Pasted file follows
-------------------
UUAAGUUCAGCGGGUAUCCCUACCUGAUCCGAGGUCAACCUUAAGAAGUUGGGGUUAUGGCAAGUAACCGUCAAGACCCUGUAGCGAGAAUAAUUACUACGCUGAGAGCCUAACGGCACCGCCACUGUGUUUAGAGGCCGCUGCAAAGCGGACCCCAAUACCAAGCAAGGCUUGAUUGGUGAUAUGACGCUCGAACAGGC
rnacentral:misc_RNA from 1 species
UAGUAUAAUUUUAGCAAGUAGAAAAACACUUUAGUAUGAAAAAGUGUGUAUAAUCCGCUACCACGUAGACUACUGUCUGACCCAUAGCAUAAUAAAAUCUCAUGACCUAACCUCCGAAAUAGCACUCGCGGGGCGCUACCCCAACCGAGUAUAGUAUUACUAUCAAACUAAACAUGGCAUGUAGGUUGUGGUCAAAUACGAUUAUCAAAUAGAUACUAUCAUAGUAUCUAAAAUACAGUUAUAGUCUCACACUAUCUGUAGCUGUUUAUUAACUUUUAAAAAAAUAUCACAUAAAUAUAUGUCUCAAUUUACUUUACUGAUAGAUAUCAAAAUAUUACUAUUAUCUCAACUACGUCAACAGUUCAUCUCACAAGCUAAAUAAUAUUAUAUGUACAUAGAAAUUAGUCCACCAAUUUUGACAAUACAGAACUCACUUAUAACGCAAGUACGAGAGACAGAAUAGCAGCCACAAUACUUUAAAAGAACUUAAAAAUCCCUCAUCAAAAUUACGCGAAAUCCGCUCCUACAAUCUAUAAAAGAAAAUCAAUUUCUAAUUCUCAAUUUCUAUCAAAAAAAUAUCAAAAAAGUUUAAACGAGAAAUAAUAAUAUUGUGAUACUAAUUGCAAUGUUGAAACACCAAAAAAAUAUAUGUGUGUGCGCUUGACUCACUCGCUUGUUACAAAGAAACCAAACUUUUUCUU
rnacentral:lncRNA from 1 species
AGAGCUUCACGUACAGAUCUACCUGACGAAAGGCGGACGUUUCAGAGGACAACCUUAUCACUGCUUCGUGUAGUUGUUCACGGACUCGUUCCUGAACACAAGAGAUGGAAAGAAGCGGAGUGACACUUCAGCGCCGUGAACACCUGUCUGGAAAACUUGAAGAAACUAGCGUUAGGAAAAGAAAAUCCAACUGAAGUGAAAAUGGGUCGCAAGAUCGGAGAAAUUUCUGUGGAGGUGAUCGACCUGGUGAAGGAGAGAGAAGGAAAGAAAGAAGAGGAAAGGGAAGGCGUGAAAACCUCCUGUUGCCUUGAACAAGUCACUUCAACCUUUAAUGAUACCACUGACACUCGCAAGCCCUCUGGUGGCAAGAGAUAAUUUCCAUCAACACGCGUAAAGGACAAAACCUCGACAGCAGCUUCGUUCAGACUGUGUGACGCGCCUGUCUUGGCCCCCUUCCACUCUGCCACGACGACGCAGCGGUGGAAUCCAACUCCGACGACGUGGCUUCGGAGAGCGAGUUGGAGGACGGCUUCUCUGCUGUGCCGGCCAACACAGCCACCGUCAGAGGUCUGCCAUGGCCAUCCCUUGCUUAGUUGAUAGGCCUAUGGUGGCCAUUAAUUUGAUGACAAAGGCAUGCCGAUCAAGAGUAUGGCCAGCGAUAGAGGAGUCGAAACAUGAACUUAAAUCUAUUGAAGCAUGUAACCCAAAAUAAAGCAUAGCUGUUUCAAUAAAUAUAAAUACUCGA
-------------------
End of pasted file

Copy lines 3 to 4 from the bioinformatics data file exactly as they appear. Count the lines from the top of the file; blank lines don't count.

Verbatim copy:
UAGUAUAAUUUUAGCAAGUAGAAAAACACUUUAGUAUGAAAAAGUGUGUAUAAUCCGCUACCACGUAGACUACUGUCUGACCCAUAGCAUAAUAAAAUCUCAUGACCUAACCUCCGAAAUAGCACUCGCGGGGCGCUACCCCAACCGAGUAUAGUAUUACUAUCAAACUAAACAUGGCAUGUAGGUUGUGGUCAAAUACGAUUAUCAAAUAGAUACUAUCAUAGUAUCUAAAAUACAGUUAUAGUCUCACACUAUCUGUAGCUGUUUAUUAACUUUUAAAAAAAUAUCACAUAAAUAUAUGUCUCAAUUUACUUUACUGAUAGAUAUCAAAAUAUUACUAUUAUCUCAACUACGUCAACAGUUCAUCUCACAAGCUAAAUAAUAUUAUAUGUACAUAGAAAUUAGUCCACCAAUUUUGACAAUACAGAACUCACUUAUAACGCAAGUACGAGAGACAGAAUAGCAGCCACAAUACUUUAAAAGAACUUAAAAAUCCCUCAUCAAAAUUACGCGAAAUCCGCUCCUACAAUCUAUAAAAGAAAAUCAAUUUCUAAUUCUCAAUUUCUAUCAAAAAAAUAUCAAAAAAGUUUAAACGAGAAAUAAUAAUAUUGUGAUACUAAUUGCAAUGUUGAAACACCAAAAAAAUAUAUGUGUGUGCGCUUGACUCACUCGCUUGUUACAAAGAAACCAAACUUUUUCUU
rnacentral:lncRNA from 1 species